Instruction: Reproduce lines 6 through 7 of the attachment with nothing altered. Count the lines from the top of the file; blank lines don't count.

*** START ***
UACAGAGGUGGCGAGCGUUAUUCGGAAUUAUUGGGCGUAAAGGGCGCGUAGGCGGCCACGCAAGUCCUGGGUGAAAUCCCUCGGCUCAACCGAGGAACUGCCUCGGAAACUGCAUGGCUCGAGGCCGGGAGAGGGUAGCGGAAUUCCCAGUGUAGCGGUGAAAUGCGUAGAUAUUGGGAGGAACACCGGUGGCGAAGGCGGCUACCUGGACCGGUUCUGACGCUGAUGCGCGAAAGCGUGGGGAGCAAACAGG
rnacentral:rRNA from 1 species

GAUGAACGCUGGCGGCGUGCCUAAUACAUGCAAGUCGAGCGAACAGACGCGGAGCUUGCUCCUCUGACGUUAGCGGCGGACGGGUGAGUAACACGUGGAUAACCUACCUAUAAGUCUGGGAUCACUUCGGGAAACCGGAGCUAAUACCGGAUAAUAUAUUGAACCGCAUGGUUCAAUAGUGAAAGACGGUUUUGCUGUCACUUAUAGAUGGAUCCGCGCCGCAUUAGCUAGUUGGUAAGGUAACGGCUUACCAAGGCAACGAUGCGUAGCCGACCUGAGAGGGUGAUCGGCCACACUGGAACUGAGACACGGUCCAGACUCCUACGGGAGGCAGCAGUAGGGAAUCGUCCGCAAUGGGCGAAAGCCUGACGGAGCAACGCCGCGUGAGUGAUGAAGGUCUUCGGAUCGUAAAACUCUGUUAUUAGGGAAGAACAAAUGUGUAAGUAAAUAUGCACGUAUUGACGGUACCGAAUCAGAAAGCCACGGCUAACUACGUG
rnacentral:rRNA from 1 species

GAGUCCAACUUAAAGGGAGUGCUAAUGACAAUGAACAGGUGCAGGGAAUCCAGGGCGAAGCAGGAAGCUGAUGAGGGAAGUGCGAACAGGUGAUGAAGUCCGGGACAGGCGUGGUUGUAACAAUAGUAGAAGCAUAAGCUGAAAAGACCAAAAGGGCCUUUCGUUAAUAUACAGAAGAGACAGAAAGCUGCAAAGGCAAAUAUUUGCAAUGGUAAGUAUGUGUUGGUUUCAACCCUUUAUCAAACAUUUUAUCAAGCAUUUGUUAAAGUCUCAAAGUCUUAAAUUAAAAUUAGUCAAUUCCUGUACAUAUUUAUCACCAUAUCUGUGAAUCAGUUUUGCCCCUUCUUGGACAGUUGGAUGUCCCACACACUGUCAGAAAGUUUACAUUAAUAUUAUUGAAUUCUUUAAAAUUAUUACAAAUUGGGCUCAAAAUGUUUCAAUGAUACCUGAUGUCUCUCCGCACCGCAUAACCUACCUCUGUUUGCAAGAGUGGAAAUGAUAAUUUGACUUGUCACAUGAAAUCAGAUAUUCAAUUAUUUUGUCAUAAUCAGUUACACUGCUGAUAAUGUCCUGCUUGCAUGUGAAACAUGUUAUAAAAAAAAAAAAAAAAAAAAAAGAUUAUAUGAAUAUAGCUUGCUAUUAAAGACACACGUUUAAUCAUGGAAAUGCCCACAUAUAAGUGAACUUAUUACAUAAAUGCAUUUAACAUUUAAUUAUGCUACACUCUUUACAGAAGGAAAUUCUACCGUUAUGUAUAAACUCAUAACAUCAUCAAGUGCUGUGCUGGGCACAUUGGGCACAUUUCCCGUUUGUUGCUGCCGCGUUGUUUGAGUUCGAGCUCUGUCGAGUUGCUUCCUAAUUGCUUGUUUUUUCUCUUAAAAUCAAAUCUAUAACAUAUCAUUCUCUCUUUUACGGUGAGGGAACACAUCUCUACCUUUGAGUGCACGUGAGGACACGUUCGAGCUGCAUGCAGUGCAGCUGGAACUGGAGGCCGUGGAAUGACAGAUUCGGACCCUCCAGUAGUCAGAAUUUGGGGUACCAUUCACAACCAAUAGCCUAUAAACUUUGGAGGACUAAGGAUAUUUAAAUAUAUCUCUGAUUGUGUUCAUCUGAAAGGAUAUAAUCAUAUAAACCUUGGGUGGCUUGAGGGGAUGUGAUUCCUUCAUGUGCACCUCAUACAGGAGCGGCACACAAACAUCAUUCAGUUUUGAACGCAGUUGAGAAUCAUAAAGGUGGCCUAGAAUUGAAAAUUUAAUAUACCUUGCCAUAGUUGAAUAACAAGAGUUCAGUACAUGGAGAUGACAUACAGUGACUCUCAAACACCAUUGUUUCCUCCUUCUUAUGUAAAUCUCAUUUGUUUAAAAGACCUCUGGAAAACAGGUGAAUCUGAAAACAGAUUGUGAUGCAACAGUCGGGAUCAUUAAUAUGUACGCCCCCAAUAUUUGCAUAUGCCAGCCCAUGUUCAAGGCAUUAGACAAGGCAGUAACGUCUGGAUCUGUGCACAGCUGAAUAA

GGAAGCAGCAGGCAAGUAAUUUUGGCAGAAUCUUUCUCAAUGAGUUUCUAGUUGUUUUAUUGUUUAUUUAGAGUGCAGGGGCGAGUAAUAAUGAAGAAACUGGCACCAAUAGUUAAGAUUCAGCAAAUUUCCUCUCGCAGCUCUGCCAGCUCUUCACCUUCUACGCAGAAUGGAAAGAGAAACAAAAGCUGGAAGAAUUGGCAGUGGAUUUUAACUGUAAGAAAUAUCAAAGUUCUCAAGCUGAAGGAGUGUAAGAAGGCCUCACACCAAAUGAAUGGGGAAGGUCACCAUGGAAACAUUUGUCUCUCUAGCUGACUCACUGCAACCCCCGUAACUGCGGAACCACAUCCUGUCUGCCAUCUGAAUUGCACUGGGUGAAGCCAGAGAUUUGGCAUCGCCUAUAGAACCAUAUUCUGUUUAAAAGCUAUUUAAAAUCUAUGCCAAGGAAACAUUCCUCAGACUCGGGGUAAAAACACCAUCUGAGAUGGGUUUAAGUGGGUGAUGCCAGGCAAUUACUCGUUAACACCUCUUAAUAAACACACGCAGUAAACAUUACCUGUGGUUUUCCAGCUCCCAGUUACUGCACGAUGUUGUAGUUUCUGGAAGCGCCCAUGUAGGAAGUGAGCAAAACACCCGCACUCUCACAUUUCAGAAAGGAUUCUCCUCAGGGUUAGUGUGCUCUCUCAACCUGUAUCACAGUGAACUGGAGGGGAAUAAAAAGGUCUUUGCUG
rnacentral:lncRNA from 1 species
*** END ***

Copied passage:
GGAAGCAGCAGGCAAGUAAUUUUGGCAGAAUCUUUCUCAAUGAGUUUCUAGUUGUUUUAUUGUUUAUUUAGAGUGCAGGGGCGAGUAAUAAUGAAGAAACUGGCACCAAUAGUUAAGAUUCAGCAAAUUUCCUCUCGCAGCUCUGCCAGCUCUUCACCUUCUACGCAGAAUGGAAAGAGAAACAAAAGCUGGAAGAAUUGGCAGUGGAUUUUAACUGUAAGAAAUAUCAAAGUUCUCAAGCUGAAGGAGUGUAAGAAGGCCUCACACCAAAUGAAUGGGGAAGGUCACCAUGGAAACAUUUGUCUCUCUAGCUGACUCACUGCAACCCCCGUAACUGCGGAACCACAUCCUGUCUGCCAUCUGAAUUGCACUGGGUGAAGCCAGAGAUUUGGCAUCGCCUAUAGAACCAUAUUCUGUUUAAAAGCUAUUUAAAAUCUAUGCCAAGGAAACAUUCCUCAGACUCGGGGUAAAAACACCAUCUGAGAUGGGUUUAAGUGGGUGAUGCCAGGCAAUUACUCGUUAACACCUCUUAAUAAACACACGCAGUAAACAUUACCUGUGGUUUUCCAGCUCCCAGUUACUGCACGAUGUUGUAGUUUCUGGAAGCGCCCAUGUAGGAAGUGAGCAAAACACCCGCACUCUCACAUUUCAGAAAGGAUUCUCCUCAGGGUUAGUGUGCUCUCUCAACCUGUAUCACAGUGAACUGGAGGGGAAUAAAAAGGUCUUUGCUG
rnacentral:lncRNA from 1 species